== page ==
Polenta panic!

Polenta: n. a medium grind of dried corn, used in many cultures as a cereal grain and cooked into a kind of savory or sweet mush, served on its own or sauced.

Panic: n. feelings of intense anxiety when one realizes one is in over her head…


Because once upon a time I had a reputation as a good cook, and because I’m stupid, I said yes when asked to create an elegant meal for the top 60 donors and volunteers at my Unitarian church (warming them up for the annual pledge drive).

I had all sorts of brilliant menu ideas.  It would be vegetarian, so we could save a little money AND provide a meal that would be acceptable to all. It would be based on (mostly) local foods.  Aha!! What could be more local than wild mushrooms, which grow so beautifully in the damp Pacific Northwest.  And I have a killer recipe for a wild mushroom ragout from the Greens Cookbook.

The stew is served on a bed of polenta. Piece of cake, I said.  Make a few batches, pour them into loaf pans to set up, then slice and broil them before serving.

Ha.  Wrong on many counts. So wrong.

Making polenta for a family of five isn’t the same as making it for sixty. In fact making anything for sixty is a twelvefold increase in scale over what I used to cook in my maternal heyday.

Making polenta makes a god-awful mess.  It splurts volcanicly all over the stove – and the splurts are hell to scrape/wipe off. It also sticks to the bottom of the pot like glue.  After scrubbing my two non non-stick pans for about fifteen minutes each, I decided I needed to borrow a couple of teflon-coated pots.

Making polenta takes TIME. Like about 45 minutes per batch, with frequent stirring so the bottom doesn’t burn.

Making polenta hang together when you get to the broiling stage ain’t easy  either.  Grrr. I’m thinking folks will just have to enjoy the “made by loving hands at home” look, because it’s not going to look restaurant perfect.

So far I’ve made five batches, which will serve 5 or 6 people each. Seven more batches to go.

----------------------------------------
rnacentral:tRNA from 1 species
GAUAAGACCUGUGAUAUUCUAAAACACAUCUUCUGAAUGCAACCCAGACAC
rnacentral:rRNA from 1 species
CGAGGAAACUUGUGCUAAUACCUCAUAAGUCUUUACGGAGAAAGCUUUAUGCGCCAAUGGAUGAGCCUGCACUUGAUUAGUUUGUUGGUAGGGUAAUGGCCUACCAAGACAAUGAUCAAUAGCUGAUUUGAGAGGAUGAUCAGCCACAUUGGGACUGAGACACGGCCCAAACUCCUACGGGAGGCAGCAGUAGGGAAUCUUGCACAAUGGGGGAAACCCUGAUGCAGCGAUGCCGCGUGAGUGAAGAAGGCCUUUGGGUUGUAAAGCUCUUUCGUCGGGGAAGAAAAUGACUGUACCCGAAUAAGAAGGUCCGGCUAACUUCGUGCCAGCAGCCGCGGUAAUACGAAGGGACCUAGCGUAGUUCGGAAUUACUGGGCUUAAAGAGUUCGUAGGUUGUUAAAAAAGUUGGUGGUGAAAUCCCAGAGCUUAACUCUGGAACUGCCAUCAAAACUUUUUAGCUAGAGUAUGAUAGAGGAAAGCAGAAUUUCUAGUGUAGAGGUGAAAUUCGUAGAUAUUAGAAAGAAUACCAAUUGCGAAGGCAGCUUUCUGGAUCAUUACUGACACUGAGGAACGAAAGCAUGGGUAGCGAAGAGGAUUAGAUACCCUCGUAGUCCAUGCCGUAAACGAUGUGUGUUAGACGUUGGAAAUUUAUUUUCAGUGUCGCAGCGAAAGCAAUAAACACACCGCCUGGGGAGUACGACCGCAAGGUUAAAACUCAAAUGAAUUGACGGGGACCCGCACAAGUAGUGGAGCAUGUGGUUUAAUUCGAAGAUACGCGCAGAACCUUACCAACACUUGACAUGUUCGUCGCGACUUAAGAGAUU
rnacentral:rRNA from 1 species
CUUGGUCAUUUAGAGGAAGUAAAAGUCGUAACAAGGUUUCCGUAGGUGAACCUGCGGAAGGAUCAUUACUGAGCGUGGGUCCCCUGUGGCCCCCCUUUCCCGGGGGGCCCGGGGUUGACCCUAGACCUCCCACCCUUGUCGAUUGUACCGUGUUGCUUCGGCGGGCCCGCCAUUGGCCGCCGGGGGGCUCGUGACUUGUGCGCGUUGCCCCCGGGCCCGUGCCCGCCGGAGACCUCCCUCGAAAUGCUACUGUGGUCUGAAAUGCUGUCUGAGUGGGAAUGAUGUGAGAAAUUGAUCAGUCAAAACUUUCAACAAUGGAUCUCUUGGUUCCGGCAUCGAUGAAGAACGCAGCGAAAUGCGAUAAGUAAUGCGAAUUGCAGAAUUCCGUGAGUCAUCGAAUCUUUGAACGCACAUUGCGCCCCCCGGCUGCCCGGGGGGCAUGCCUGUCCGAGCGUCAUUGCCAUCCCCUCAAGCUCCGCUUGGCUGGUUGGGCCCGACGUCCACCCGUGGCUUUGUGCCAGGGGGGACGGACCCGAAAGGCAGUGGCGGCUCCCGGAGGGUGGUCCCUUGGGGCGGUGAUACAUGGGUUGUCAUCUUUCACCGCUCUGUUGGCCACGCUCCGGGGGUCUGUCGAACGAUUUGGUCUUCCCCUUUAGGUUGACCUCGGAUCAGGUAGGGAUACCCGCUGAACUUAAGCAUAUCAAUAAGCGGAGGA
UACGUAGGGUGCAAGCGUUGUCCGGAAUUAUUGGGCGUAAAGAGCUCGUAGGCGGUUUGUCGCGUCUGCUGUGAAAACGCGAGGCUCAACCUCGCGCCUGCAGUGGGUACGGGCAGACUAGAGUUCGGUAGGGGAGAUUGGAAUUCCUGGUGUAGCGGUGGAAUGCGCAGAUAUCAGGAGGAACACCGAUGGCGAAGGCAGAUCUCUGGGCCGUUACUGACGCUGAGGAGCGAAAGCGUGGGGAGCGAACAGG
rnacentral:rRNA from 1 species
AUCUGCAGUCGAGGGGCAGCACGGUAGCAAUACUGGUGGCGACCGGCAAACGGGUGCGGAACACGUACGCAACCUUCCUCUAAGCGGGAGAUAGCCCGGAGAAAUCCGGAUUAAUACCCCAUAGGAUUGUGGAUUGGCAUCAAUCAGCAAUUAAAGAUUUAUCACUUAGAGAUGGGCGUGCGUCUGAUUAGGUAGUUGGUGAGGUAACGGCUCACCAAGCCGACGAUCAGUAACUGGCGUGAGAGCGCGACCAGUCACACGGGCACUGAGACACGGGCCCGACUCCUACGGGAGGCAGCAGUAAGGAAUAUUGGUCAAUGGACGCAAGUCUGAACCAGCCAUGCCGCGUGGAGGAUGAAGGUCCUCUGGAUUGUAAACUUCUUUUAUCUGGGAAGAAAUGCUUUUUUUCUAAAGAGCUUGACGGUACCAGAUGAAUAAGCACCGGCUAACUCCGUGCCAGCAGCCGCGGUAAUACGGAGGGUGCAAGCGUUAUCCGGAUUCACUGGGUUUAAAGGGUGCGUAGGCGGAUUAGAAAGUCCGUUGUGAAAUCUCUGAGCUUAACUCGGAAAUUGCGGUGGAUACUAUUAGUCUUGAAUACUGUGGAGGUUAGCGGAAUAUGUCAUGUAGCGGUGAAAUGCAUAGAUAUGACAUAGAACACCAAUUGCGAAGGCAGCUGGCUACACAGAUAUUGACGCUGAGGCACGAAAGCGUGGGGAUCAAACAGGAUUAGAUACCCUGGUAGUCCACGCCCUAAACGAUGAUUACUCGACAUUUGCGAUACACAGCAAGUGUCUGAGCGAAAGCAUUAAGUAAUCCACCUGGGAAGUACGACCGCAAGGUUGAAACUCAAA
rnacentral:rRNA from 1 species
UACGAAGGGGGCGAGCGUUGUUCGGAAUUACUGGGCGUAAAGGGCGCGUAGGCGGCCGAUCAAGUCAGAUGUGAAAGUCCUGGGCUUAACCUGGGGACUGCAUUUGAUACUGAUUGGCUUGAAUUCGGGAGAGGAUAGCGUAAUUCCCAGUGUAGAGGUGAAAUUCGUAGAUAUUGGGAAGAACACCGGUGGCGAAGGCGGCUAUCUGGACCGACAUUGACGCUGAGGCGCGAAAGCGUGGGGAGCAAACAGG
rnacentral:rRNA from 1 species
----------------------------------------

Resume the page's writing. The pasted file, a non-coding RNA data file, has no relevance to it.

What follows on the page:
The dinner is Sunday night and I haven’t even started to assemble the vats of wild mushroom ragout, the appetizers, salads, dessert, etc.

The good news is that I’ll have volunteer help all day Saturday plus Sunday afternoon.  Now I just have to figure out how to scale up the rest of the recipes…  Let me confess right here: I’m in over my head.

8 responses to “Polenta panic!

  1. Have you tried making the polenta in the oven?
    as in this recipe:
    I haven’t tried it ( I usually just cook my cornmeal in my rice cooker, in the microwave), but it’s got to be better than dealing with the splatters.

  2. Thanks for the idea, Susan.

    It turns out that I figured out how to cook two double batches on the stove simultaneously, thanks to using two larger non-stick pans. Still, I’ve been cooking polenta all day long. That and quarts and quarts of wild mushroom stock. Thank god I had a good friend who’s helping with the prep. Our menu is quite ambitious…

  3. Oh dear god. I didn’t realize you were making it on the stovetop. Haven’t I given you oven polenta recipe? No stirring, no volcanoes.

  4. The most powerful lessons are learned thru pain. To think that at one point in my younger life I thought it would be cool to have a restaurant, or do catering.

    The mind boggles.

  5. I remember a story from Bill Buford’s book called Heat, about making Polenta for a lot (>100) of people — I found a short review of the book that includes the “recipe”


    I tried this 3 hour polenta recipe once and it was good, but I’m not convinced it was any better than 40 minute polenta…

  6. Must have worn you to a frazzle ’cause you haven’t posted since. Hope Canvass Dinner went well.
    I’ve always known you are a brave soul, but this one beats all! Polenta for more than five is monumental! Next time try putting the stew on a simple corn bread recipe (no sugar!) and baking it.

  7. Pingback: Plenty platters of polenta! A parade of pears. « 365 Words Beginning with P

  8. Canvass Dinner was a smash hit (see today’s post – you’re right, I was frazzled!) Thank God for Chris Smith, whose anal planning and logistical abilities made it all possible. She’s a nut and I love her to pieces.